An article in Computerworld yesterday entitled “ISO officials, others dispute claims that Open XML meeting was flawed” includes reaction from Alex Brown to Andy Updegrove’s blog post that appeared immediately after the conclusion of the BRM last Friday evening. I’m glad to see that Andy admits in the comments that he wasn’t actually an “observer” to the BRM, and it will be interesting to see whether Computerworld corrects that misleading statement.
While they’re at it, they might also correct another misleading statement in the same article:
Durusau also chairs an esoteric but influential technical standards committee that advises the panel that votes for the U.S. within ISO. Last summer, his committee voted not to endorse the Open XML standards proposal.
For those who weren’t following the anti-Open XML lobbying efforts last summer, here’s what that paragraph is referring to:
- INCITS V1 met last July 13, and voted by a 60% majority to recommend a “Yes” position for the US on DIS 29500 in the September ballot. A 2/3 supermajority is required for a recommendation out of V1, however, so no recommendation was passed to the INCITS executive board.
- Rob Weir and Andy Updegrove quickly spun this as a “failure” on their blogs. At the time, I was impressed at Rob’s ability to make lemonade: he was part of a minority position in V1, and yet he spun the vote as a victory for his anti-Open XML cause.
- Computerworld, like many others in the press, gladly picked up Rob and Andy’s spin as “news” and ran articles like the one they’re still linking to above
- when the US reached its final position of “Approve with comments” for the September vote, I had a little fun with Rob and Andy’s spinmeistering.
Since that little misprepresentation last summer worked so well for them, I’m not surprised to see the anti-Open XML lobbyists trying the same tactics again for the BRM outcome. I am surprised, however, to see Computerworld going along again, linking to that misleading article they wrote based on Rob and Andy’s spin and not bothering to mention that they later corrected their story after all of the facts were out. I’m tempted to comment on the state of journalism in the US, but that’s much too broad a topic for a narrow little Open XML blog to get into.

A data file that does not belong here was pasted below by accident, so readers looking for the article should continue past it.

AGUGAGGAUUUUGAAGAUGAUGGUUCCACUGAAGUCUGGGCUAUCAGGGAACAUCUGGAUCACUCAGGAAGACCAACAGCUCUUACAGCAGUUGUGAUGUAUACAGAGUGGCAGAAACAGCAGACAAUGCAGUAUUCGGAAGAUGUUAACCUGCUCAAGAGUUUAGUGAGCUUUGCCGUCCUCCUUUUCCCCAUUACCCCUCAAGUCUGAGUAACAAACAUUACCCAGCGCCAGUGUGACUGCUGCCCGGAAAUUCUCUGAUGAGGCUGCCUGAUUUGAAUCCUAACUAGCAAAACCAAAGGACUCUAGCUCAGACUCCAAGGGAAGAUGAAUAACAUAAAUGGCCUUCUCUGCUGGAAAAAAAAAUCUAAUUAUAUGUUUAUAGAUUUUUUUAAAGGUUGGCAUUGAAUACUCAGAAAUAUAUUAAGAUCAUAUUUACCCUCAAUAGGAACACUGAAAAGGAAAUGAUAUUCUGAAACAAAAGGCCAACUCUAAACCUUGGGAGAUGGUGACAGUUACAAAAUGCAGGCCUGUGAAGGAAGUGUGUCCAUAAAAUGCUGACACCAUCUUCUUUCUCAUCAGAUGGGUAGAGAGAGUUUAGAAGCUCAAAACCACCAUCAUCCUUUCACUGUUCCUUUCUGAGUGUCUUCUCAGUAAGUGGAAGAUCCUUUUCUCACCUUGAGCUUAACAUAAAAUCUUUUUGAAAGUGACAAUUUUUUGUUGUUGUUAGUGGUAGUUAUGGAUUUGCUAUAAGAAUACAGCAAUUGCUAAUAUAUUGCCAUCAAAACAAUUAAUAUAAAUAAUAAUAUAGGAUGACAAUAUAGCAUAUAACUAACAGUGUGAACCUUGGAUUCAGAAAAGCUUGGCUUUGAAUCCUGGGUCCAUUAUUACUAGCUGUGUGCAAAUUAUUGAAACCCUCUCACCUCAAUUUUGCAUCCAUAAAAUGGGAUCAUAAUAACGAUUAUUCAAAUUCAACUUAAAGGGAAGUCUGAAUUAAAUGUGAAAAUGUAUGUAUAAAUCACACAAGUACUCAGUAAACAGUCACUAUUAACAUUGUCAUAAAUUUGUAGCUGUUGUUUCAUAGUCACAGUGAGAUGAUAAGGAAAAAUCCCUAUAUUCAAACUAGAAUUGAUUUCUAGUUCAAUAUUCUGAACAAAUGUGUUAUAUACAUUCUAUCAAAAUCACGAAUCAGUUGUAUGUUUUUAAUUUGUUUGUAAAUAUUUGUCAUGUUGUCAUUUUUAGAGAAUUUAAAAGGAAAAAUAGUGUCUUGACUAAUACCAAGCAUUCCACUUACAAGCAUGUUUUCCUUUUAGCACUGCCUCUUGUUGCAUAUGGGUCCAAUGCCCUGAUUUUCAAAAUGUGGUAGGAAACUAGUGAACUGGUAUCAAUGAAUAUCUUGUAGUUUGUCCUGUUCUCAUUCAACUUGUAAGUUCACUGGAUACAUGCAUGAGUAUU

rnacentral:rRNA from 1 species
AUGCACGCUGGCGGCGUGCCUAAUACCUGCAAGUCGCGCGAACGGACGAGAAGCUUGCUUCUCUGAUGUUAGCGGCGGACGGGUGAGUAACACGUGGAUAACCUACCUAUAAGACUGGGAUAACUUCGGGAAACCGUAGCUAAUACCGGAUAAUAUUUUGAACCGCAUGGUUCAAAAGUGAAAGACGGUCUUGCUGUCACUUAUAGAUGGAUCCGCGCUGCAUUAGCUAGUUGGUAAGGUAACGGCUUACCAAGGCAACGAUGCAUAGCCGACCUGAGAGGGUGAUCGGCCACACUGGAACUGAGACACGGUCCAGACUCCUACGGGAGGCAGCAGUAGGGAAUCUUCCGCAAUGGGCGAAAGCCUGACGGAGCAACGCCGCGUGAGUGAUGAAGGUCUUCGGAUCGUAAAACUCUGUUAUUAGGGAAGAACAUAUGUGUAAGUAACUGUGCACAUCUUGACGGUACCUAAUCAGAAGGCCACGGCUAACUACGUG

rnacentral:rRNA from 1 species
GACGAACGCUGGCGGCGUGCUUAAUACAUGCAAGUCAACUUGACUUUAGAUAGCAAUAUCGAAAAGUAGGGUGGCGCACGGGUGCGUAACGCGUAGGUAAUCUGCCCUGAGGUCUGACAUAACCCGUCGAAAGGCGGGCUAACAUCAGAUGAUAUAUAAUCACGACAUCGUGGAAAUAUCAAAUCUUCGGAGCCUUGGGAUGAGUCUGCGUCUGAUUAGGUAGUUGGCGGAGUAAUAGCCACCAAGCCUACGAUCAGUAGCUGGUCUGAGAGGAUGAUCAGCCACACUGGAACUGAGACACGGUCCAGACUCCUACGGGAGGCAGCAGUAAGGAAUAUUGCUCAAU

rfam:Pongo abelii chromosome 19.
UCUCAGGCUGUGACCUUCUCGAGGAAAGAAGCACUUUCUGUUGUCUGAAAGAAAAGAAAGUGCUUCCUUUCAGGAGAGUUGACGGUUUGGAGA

Gesmer Updegrove LLP: observer or participant?
I found the “observer” title bestowed on Andy Updegrove in that Computerworld article rather ironic, given all the discussion this week about O-members (i.e., observer members). Andy’s law firm, Gesmer Updegrove LLP is in the business of representing clients such as OASIS and the Linux Foundation, so unless this was a pro-bono effort (was it?), it seems reasonable to wonder who were they representing in Geneva, and in writing about the BRM as soon as it concluded. I wonder if Andy would be willing to make an explicit public statement about how he paid the bills during a week at a 5-star hotel in Europe’s most expensive city?
A final thought on O-members
One thing I’ve found surprising in recent days is all the people from IBM and other sources who are suggesting that O-members shouldn’t have had a say in the BRM. I sat there all week and watched O-members like Greece and Brazil participate in the discussions and cast key votes at least 42 times, as we worked through resolutions to change the spec. Nobody ever said a word about O-member participation until about 4:45PM on Friday, when I saw Rob Weir writing down a list of countries that he apparently felt shouldn’t have had a say in the BRM: “Portugal, Chile, Poland, Israel, Brazil, Mexico, Greece.”
One thing that really puts the O-member complaints in perspective is the BRM FAQ issued by SC34 last fall. I thought we were all studying that closely the last few months, but apparently nobody from IBM ever read item 6.8:
6.8 If votes are taken during the BRM, who votes?
It has proven to be a frequently asked question indeed, and there’s the answer, which has been staring us all in the face since last fall.